Eating Dirt: It Might Be Good for You

It melts in your mouth like chocolate, says Ruth Anne T. Joiner, describing her favorite treat.

"The good stuff is real smooth," she adds. "It's just like a piece of candy."

Joiner is describing the delectable taste of dirt -- specifically, clay from the region around her home in Montezuma, Ga.

While most people would recoil at the thought of eating mud or clay, some medical experts say it may be beneficial, especially for pregnant women.

"Every time I get pregnant, I get a craving -- I have to eat it," says Joiner, 40, who has given birth to four healthy babies.

"If I could get just one little bitty piece, that would stop the craving," she says. "It has a fresh, natural-feeling taste, like the rain or something."

Healthy Habit or Mental Illness?

The habit of eating clay, mud or dirt is known as geophagy. Some experts lump it into the same category as pica, which is the abnormal urge to eat coins, paint, soap or other non-food items.

Cultures worldwide have practiced geophagy for centuries, from the ancient Greeks to Native Americans. In most places the habit is limited to women, especially women who are pregnant or of childbearing age.

The practice is common in sub-Saharan Africa, and many anthropologists believe geophagy was brought to the United States by African slaves. It is now most commonly found among African-American women in the rural South.

Though the practice is rarely if ever recommended by medical professionals, some nutritionists now admit the habit of eating clay may have some real health benefits.

"It is possible that the binding effect of clay would cause it to absorb toxins," said Dr. David L. Katz, nutrition expert at the Yale School of Medicine and a medical contributor for ABC News.

Clay's ability to absorb plant toxins is well documented. Jared Diamond, professor of geography and physiology at the David Geffen School of Medicine at UCLA and author of "Guns, Germs, and Steel: The Fates of Human Societies" has written on clays that are especially good at binding with plant toxins.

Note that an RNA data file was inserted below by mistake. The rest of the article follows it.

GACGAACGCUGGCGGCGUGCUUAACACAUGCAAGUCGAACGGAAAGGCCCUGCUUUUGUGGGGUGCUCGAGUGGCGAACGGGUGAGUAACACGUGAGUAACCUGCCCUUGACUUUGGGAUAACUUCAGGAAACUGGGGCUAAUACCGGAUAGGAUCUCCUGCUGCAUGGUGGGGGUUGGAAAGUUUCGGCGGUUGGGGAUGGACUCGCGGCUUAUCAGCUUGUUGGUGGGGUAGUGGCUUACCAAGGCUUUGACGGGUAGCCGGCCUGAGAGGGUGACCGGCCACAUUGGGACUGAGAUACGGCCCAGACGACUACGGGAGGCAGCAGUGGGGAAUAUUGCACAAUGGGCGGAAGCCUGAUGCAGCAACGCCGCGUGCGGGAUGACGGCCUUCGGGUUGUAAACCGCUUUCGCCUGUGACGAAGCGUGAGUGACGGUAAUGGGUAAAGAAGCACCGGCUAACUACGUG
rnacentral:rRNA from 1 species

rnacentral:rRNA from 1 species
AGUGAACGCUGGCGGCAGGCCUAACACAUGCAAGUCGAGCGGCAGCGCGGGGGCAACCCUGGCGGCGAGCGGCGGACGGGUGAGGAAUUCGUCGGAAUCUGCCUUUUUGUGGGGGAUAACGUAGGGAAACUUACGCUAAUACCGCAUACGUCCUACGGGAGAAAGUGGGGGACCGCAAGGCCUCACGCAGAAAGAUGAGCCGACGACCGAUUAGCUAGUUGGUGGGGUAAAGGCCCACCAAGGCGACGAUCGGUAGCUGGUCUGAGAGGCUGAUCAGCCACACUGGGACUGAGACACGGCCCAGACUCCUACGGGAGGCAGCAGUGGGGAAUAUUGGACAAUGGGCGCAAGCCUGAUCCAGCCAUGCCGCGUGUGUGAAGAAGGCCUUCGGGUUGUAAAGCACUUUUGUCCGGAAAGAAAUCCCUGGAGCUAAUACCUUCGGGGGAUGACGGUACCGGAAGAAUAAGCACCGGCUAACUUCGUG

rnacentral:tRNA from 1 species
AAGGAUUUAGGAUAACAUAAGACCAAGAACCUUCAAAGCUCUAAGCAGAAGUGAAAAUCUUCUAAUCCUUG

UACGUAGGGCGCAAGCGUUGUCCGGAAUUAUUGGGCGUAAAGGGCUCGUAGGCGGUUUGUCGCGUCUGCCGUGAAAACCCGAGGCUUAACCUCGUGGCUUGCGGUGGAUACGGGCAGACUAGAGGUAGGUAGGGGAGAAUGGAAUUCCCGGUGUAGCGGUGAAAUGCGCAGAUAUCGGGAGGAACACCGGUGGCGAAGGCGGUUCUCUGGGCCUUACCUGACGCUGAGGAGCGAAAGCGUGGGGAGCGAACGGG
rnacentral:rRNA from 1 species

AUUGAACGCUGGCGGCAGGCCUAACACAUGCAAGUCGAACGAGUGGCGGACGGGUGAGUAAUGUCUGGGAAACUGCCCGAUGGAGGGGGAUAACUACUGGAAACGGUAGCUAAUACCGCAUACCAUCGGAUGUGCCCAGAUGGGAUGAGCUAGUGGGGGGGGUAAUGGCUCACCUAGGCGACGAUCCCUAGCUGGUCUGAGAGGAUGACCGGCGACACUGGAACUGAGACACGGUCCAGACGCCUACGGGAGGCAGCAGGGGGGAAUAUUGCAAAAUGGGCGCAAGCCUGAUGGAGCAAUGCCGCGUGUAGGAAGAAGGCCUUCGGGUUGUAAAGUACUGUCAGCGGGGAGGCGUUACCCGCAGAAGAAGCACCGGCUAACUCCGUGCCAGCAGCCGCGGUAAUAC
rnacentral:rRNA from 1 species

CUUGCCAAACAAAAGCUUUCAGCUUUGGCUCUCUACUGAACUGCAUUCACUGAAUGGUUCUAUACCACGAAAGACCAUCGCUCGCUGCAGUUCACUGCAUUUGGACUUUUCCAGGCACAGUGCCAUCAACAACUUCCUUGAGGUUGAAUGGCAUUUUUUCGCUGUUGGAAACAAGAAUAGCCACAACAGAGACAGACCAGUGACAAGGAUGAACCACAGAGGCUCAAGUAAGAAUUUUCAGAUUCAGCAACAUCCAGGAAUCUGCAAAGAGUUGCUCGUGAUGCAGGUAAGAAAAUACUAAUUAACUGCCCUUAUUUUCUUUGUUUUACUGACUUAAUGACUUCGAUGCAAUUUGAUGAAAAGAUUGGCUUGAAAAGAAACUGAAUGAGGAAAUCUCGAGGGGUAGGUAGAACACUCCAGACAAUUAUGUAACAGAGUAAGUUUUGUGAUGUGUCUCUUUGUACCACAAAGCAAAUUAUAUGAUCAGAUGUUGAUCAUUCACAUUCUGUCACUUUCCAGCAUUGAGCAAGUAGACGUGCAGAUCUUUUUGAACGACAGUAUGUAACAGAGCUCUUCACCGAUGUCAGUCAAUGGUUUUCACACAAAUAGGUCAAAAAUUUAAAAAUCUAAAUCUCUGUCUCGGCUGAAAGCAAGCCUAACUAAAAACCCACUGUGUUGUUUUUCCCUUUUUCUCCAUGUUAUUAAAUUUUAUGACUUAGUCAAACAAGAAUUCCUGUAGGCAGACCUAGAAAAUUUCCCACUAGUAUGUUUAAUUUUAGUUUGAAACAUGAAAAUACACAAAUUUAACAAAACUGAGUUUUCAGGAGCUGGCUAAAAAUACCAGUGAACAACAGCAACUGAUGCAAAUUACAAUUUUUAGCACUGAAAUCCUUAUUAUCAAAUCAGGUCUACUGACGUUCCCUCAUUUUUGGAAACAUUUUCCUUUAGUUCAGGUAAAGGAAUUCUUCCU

Diamond notes that many traditional cultures cook food like potatoes, acorns and bread in clay as a way of protecting against the toxic alkaloids and tannic acids that would otherwise make these foods inedible.

Glycoalkaloids, for example, are commonly found in potatoes and can cause diarrhea, vomiting and neurological problems in humans. But when South American Indians eat these potatoes in combination with alkaloid-binding clays, the potatoes are safe to consume, according to Diamond.

Dirt: The World's First Mineral Supplement

Medical professionals studying geophagy are also considering whether the minerals in some clays are especially beneficial for pregnant women.

"Mineral supplements are a pretty new phenomenon," said Katz. "Mineral demand goes up substantially during pregnancy."

"Soil is nature's multi-mineral supply," he added, "and nature favors behaviors that lead to survival. It may simply be that women who had this craving were more likely to survive and pass on this tendency to their offspring."

Mineral content in clays vary from region to region, but many contain high levels of calcium, iron, copper and magnesium. These are essential minerals for the human diet but even more critical during pregnancy.

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